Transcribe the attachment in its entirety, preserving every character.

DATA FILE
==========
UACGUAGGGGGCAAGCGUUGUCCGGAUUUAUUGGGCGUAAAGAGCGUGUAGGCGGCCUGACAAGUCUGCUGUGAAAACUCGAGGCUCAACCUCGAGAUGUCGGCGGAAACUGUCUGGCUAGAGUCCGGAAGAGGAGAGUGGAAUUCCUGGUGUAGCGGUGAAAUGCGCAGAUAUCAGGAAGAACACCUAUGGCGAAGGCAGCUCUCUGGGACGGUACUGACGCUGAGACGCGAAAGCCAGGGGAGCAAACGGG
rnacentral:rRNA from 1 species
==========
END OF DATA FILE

UACGUAGGGGGCAAGCGUUGUCCGGAUUUAUUGGGCGUAAAGAGCGUGUAGGCGGCCUGACAAGUCUGCUGUGAAAACUCGAGGCUCAACCUCGAGAUGUCGGCGGAAACUGUCUGGCUAGAGUCCGGAAGAGGAGAGUGGAAUUCCUGGUGUAGCGGUGAAAUGCGCAGAUAUCAGGAAGAACACCUAUGGCGAAGGCAGCUCUCUGGGACGGUACUGACGCUGAGACGCGAAAGCCAGGGGAGCAAACGGG
rnacentral:rRNA from 1 species